stress caused by climate change, which may be particularly severe in Amazonia (see box in Chapter 7 on
page 208).7 As with the last effect, this will increase as the amount of climate change becomes larger. The
combined result of these two feedbacks is that less carbon is taken up by the biosphere and more remains
in the atmosphere.8
Figure 3.5 shows this combined result as estimated for the twenty-¬rst century by nine different climate
models that incorporate the relevant processes in both the ocean and the land biospheres. Note that one of
the models in the ensemble, from the Hadley Centre, predicts the strongest values for the climate/carbon-
cycle feedbacks mentioned above and projects the highest atmospheric carbon dioxide level by 2100.9 The
curve in Figure 3.5 for land uptake relating to this model begins to curve upwards from the middle of the
century at which time the terrestrial biosphere changes from being a net sink of carbon (as in Table 3.1) to
being a net source.
Taking the average of the nine models under the A2 scenario, about 50 Gt more carbon remains in
the atmosphere in 2050 and 150 Gt in 2100 compared with what would occur in the absence of climate/
carbon-cycle feedback. For the Hadley Centre model the numbers are about 50 Gt and 350 Gt respectively
for 2050 and 2100. In terms of carbon dioxide concentration an additional 100 Gt means an additional
50 ppm.
A third positive feedback occurs through the release of greenhouse gases into the atmosphere due to
the increase of ¬res in forested areas because of the drier conditions as climate warms or because of the
dieback due to climate stress mentioned above10.
The fourth positive feedback is the release of methane, as temperatures increase “ from wetlands and
from very large reservoirs of methane trapped in sediments in a hydrate form (tied to water molecules
when under pressure) “ mostly at high latitudes. Methane has been generated from the decomposition of
organic matter present in these sediments over many millions of years. Because of the depth of the sedi-
ments this latter feedback is unlikely to become operative to a signi¬cant extent in the near future. However,
were global warming to continue to increase unchecked for many decades, releases from hydrates could
make a large contribution to methane emissions into the atmosphere and act as a large positive feedback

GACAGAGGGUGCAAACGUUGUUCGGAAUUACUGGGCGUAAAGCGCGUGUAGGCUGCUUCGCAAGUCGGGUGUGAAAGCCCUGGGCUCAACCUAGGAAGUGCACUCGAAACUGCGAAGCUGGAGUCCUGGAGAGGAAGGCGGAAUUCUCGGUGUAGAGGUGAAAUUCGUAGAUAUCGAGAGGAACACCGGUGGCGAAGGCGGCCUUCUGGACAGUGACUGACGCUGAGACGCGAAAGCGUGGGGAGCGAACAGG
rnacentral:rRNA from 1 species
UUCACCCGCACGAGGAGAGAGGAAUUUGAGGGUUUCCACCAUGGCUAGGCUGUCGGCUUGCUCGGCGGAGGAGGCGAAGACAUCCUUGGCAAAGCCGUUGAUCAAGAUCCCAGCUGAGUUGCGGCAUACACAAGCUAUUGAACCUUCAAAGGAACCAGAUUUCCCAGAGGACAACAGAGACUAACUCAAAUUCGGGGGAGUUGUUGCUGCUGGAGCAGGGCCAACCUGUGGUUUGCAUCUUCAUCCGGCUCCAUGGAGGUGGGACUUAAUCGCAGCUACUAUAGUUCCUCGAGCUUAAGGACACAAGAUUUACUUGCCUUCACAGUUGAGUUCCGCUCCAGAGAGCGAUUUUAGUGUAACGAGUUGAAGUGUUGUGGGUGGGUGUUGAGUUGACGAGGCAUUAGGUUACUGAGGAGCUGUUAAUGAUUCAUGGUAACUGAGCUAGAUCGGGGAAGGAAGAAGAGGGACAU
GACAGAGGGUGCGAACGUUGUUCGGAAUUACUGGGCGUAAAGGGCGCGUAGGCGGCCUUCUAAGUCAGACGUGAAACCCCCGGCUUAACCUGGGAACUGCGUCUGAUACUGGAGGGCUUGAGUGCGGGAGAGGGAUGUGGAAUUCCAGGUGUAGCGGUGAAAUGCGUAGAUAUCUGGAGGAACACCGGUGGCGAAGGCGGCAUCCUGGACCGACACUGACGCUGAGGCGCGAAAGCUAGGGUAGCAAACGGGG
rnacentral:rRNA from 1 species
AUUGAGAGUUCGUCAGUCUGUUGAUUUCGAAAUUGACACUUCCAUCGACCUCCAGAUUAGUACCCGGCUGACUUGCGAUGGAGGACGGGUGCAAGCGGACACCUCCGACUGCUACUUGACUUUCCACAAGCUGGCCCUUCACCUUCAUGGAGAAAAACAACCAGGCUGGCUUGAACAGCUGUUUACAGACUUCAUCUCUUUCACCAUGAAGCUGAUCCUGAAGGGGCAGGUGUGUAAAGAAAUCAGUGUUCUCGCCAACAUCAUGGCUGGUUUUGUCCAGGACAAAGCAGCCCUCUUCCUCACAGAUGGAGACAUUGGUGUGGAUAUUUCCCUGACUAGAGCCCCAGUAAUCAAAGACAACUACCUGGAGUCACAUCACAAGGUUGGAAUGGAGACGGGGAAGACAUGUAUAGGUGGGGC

on the climate.

Other greenhouse gases
Methane is the main component of natural gas. Its common name used to be
marsh gas because it can be seen bubbling up from marshy areas where organic
material is decomposing. Data from ice cores show that for at least 2000 years
before 1800 its concentration in the atmosphere was about 700 ppb. Since then
its concentration has more than doubled (Figure 3.6a) to a value that the ice core
record shows is unprecedented over at least the last 650 000 years. During the
1980s it was increasing at about 10 ppb per year but during the 1990s the aver-
age rate of increase fell to around 5 ppb per year11 and close to zero from 1999
to 2005. Although the concentration of methane in the atmosphere is much
less than that of carbon dioxide (only 1.775 ppm in 2005 compared with about
380 ppm for carbon dioxide), its greenhouse effect is far from negligible. That
is because the enhanced greenhouse effect caused by a molecule of methane is
about eight times that of a molecule of carbon dioxide.12
The main natural source of methane is from wetlands. A variety of other
sources result directly or indirectly from human activities, for instance from leak-
age from natural gas pipelines and from oil wells, from generation in rice paddy
¬elds, from enteric fermentation (belching) from cattle and other livestock, from
the decay of rubbish in land¬ll sites and from wood and peat burning. Details of
estimates of the sizes of these sources during the 1990s are shown in Table 3.2.
Attached to many of the numbers is a wide range of uncertainty. It is, for instance,
dif¬cult to estimate the amount produced in paddy ¬elds averaged on a world-
wide basis. The amount varies enormously during the rice growing season and
also very widely from region to region. Similar problems arise when trying to
estimate the amount produced by animals. Measurements of the proportions of
the different isotopes of carbon (see box on page 44) in atmospheric methane